I write monthly on the Association of ChristianWriters’ blog More Than Writers. I also give a quick round-up of recent happenings, including good news on the dog ownership front.
My latest More than Writers post (Association of Christian Writers blog) is about God’s timing for our lives. This is the only piece to date inspired by the perfect (comedic) timing of Morecambe and Wise! (In particular, their Andre Preview sketch, my favourite comic piece. The Two Ronnies Four Candles comes in at second spot for me).
Glad to say the Book Fair in Chandler’s Ford went well.
Went to see local theatre group, The Chameleons, perform a murder mystery spoof called Murdered to Death. (Writer: Peter Gordon). Hope to review this in due course but it was very funny.
Met our soon-to-be adopted dog, Lady, again today. Lovely dog. This year has been a sad year personally, a great year professionally, but it is nice to have some good news. Hope is to have Lady well settled in long before Christmas. Like my previous dogs, Gracie and Mabel, Lady is a rescue, a down on her luck collie. With love, good exercise, a sense of security, Lady should blossom and thrive as her predecessors did. I’ve found I have to have a routine of some sort to get any writing done. A routine benefits dogs too. It can give a sense of security (really useful especially when you are settling in a rescue dog).
Facebook – From Light to Dark and Back Again
What is the best way of handling rejections?
I’ve found accepting it is never personal helps a lot. Also, it can be consoling to know that sometimes the work is fine, but there are other reasons for the rejection. For example, the publication has had something similar which it has already accepted, which will inevitably mean yours gets turned down, Nothing to stop you from submitting that piece to another suitable publication though.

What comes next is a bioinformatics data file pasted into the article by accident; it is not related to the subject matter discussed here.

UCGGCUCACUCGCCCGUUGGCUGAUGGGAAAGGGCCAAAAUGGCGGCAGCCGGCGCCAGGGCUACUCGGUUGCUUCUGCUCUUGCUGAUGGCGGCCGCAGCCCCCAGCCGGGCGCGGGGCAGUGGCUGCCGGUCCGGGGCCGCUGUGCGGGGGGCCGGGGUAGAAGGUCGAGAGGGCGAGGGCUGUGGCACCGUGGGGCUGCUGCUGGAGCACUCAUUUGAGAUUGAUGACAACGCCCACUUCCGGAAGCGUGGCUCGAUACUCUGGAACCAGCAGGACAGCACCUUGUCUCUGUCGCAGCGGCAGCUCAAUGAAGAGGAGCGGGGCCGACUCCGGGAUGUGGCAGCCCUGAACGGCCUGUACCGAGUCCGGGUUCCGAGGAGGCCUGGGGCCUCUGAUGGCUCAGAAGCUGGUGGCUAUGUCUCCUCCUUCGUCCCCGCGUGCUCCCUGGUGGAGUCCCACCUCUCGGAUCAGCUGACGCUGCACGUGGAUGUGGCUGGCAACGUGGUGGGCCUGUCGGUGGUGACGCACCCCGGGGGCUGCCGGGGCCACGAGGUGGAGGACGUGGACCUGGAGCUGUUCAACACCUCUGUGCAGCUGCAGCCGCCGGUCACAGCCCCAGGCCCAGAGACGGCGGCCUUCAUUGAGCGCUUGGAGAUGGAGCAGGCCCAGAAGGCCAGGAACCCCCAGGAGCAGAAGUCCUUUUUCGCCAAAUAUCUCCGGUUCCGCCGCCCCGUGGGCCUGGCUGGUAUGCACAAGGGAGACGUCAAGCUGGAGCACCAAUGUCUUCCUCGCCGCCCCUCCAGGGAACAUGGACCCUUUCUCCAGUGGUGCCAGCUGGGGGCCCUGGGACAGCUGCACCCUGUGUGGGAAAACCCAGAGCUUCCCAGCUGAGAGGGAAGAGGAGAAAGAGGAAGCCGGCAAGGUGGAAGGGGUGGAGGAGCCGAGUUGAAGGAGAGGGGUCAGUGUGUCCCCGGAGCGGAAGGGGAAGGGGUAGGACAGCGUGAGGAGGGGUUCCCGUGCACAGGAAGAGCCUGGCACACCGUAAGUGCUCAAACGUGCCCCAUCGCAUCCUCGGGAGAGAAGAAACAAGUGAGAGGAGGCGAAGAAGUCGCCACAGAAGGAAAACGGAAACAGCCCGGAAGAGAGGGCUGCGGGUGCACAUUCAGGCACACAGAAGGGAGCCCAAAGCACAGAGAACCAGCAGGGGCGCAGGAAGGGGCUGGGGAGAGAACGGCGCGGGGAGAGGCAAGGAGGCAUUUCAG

Another thing that has helped me is knowing now (which I didn’t when starting out) that all writers go through this., It really isn’t just you as the individual writer! But over time, as you learn to improve what you do, the rejections slowly turn into more and more acceptances.
I’ve lost count (long ago) of how many pieces I’ve had turned down but some of them I’ve reworked later and then had them published. I nearly always opt for feedback where a competition offers it (unless the fee is prohibitive, though I have only known this happen once or twice as most fees are set at reasonable rates). All feedback I’ve had to date has shown me something useful that, on reading it, I think “why didn’t I think of that before submitting this?” but this is where you do need a second pair of eyes to look at what you’ve written.